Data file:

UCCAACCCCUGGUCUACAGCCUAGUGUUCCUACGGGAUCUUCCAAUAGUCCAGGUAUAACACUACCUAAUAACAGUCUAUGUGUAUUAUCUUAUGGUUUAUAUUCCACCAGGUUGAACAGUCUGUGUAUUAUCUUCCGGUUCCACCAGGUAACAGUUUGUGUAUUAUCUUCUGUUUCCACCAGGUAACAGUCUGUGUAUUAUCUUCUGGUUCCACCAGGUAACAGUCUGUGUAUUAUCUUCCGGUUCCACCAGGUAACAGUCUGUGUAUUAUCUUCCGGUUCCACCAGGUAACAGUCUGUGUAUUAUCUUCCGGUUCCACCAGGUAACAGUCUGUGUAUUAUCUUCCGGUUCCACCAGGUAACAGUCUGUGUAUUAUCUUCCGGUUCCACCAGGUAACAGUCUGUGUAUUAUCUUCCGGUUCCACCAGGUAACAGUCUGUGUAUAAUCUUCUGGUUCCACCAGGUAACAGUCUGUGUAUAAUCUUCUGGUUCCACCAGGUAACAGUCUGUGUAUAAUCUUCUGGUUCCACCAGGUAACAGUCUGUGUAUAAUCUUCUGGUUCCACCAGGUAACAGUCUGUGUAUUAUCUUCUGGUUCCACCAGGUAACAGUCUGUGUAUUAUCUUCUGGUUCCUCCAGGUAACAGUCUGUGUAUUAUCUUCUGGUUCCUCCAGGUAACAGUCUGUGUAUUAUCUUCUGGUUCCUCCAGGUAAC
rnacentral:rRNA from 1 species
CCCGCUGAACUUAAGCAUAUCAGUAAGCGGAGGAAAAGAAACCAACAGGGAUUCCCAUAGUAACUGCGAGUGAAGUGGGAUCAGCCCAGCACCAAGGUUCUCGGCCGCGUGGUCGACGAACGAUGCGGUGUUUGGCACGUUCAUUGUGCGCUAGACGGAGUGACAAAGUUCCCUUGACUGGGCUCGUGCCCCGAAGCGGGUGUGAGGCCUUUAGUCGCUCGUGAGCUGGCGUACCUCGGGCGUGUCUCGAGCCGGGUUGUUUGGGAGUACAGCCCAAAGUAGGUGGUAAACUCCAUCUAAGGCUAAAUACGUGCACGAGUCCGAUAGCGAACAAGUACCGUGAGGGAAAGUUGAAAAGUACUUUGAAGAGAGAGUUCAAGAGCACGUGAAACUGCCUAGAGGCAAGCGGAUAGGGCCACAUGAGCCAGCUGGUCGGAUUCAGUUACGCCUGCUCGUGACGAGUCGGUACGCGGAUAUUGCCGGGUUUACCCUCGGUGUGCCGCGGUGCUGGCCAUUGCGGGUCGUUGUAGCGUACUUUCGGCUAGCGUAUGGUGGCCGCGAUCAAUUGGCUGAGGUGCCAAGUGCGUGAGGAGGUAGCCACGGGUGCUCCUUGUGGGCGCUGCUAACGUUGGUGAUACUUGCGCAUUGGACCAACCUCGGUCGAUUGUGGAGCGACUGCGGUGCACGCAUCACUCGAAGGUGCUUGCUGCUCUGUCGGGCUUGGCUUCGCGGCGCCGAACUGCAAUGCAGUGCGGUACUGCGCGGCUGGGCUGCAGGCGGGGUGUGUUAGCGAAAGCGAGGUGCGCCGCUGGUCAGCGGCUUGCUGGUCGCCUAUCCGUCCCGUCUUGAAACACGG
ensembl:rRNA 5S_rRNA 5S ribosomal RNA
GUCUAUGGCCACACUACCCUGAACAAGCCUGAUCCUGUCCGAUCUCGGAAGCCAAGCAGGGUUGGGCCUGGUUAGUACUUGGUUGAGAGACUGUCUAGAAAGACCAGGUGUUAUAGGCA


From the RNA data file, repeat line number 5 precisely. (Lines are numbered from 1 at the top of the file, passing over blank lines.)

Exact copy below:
GUCUAUGGCCACACUACCCUGAACAAGCCUGAUCCUGUCCGAUCUCGGAAGCCAAGCAGGGUUGGGCCUGGUUAGUACUUGGUUGAGAGACUGUCUAGAAAGACCAGGUGUUAUAGGCA